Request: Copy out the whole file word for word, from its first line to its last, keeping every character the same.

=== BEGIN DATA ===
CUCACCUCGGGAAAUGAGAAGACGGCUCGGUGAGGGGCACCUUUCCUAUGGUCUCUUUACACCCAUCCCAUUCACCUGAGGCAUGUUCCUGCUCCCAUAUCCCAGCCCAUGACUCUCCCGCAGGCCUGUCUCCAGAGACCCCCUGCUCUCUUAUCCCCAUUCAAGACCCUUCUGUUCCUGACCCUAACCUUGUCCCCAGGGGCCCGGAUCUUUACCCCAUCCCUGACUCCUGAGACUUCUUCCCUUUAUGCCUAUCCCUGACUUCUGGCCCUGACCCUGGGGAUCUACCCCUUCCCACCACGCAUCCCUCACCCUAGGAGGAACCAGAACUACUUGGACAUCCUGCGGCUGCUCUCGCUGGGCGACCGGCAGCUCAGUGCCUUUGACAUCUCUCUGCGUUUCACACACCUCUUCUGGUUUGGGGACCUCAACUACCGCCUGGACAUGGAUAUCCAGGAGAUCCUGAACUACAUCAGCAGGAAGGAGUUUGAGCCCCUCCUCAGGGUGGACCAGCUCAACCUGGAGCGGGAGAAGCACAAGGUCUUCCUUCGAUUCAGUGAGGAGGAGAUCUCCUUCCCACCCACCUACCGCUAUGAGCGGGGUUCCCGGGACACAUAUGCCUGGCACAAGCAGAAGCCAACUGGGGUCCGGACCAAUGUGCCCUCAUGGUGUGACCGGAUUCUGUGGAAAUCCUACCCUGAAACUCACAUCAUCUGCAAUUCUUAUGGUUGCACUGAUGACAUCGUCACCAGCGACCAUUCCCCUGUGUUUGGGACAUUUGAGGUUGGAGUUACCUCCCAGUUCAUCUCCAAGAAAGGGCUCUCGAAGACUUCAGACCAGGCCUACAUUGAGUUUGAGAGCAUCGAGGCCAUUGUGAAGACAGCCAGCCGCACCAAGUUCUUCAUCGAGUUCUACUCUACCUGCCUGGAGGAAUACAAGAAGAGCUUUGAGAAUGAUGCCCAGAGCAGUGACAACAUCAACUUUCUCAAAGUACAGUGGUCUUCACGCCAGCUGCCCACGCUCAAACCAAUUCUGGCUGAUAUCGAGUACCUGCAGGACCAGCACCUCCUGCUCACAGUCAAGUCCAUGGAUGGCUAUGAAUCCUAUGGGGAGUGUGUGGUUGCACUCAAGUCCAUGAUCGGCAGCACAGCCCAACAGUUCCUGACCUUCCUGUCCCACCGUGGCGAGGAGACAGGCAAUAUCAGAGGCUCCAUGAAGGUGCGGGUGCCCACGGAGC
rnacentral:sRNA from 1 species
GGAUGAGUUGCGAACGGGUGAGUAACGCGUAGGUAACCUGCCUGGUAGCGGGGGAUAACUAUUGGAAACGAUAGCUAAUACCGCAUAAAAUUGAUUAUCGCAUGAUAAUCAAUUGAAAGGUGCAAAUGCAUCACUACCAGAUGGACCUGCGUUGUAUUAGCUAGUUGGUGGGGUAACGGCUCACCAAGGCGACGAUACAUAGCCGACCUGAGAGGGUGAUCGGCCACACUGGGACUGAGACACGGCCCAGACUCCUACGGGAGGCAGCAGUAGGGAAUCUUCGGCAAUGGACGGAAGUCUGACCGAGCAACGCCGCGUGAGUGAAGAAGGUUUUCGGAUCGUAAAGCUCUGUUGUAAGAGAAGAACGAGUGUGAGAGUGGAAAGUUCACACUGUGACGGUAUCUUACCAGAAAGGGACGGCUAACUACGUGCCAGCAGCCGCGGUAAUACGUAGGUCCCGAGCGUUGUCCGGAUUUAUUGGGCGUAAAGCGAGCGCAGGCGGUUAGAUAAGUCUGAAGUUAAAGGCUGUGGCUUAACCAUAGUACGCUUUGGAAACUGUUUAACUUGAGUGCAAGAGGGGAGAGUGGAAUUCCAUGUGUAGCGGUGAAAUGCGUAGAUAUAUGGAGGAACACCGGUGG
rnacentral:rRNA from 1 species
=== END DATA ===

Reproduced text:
CUCACCUCGGGAAAUGAGAAGACGGCUCGGUGAGGGGCACCUUUCCUAUGGUCUCUUUACACCCAUCCCAUUCACCUGAGGCAUGUUCCUGCUCCCAUAUCCCAGCCCAUGACUCUCCCGCAGGCCUGUCUCCAGAGACCCCCUGCUCUCUUAUCCCCAUUCAAGACCCUUCUGUUCCUGACCCUAACCUUGUCCCCAGGGGCCCGGAUCUUUACCCCAUCCCUGACUCCUGAGACUUCUUCCCUUUAUGCCUAUCCCUGACUUCUGGCCCUGACCCUGGGGAUCUACCCCUUCCCACCACGCAUCCCUCACCCUAGGAGGAACCAGAACUACUUGGACAUCCUGCGGCUGCUCUCGCUGGGCGACCGGCAGCUCAGUGCCUUUGACAUCUCUCUGCGUUUCACACACCUCUUCUGGUUUGGGGACCUCAACUACCGCCUGGACAUGGAUAUCCAGGAGAUCCUGAACUACAUCAGCAGGAAGGAGUUUGAGCCCCUCCUCAGGGUGGACCAGCUCAACCUGGAGCGGGAGAAGCACAAGGUCUUCCUUCGAUUCAGUGAGGAGGAGAUCUCCUUCCCACCCACCUACCGCUAUGAGCGGGGUUCCCGGGACACAUAUGCCUGGCACAAGCAGAAGCCAACUGGGGUCCGGACCAAUGUGCCCUCAUGGUGUGACCGGAUUCUGUGGAAAUCCUACCCUGAAACUCACAUCAUCUGCAAUUCUUAUGGUUGCACUGAUGACAUCGUCACCAGCGACCAUUCCCCUGUGUUUGGGACAUUUGAGGUUGGAGUUACCUCCCAGUUCAUCUCCAAGAAAGGGCUCUCGAAGACUUCAGACCAGGCCUACAUUGAGUUUGAGAGCAUCGAGGCCAUUGUGAAGACAGCCAGCCGCACCAAGUUCUUCAUCGAGUUCUACUCUACCUGCCUGGAGGAAUACAAGAAGAGCUUUGAGAAUGAUGCCCAGAGCAGUGACAACAUCAACUUUCUCAAAGUACAGUGGUCUUCACGCCAGCUGCCCACGCUCAAACCAAUUCUGGCUGAUAUCGAGUACCUGCAGGACCAGCACCUCCUGCUCACAGUCAAGUCCAUGGAUGGCUAUGAAUCCUAUGGGGAGUGUGUGGUUGCACUCAAGUCCAUGAUCGGCAGCACAGCCCAACAGUUCCUGACCUUCCUGUCCCACCGUGGCGAGGAGACAGGCAAUAUCAGAGGCUCCAUGAAGGUGCGGGUGCCCACGGAGC
rnacentral:sRNA from 1 species
GGAUGAGUUGCGAACGGGUGAGUAACGCGUAGGUAACCUGCCUGGUAGCGGGGGAUAACUAUUGGAAACGAUAGCUAAUACCGCAUAAAAUUGAUUAUCGCAUGAUAAUCAAUUGAAAGGUGCAAAUGCAUCACUACCAGAUGGACCUGCGUUGUAUUAGCUAGUUGGUGGGGUAACGGCUCACCAAGGCGACGAUACAUAGCCGACCUGAGAGGGUGAUCGGCCACACUGGGACUGAGACACGGCCCAGACUCCUACGGGAGGCAGCAGUAGGGAAUCUUCGGCAAUGGACGGAAGUCUGACCGAGCAACGCCGCGUGAGUGAAGAAGGUUUUCGGAUCGUAAAGCUCUGUUGUAAGAGAAGAACGAGUGUGAGAGUGGAAAGUUCACACUGUGACGGUAUCUUACCAGAAAGGGACGGCUAACUACGUGCCAGCAGCCGCGGUAAUACGUAGGUCCCGAGCGUUGUCCGGAUUUAUUGGGCGUAAAGCGAGCGCAGGCGGUUAGAUAAGUCUGAAGUUAAAGGCUGUGGCUUAACCAUAGUACGCUUUGGAAACUGUUUAACUUGAGUGCAAGAGGGGAGAGUGGAAUUCCAUGUGUAGCGGUGAAAUGCGUAGAUAUAUGGAGGAACACCGGUGG
rnacentral:rRNA from 1 species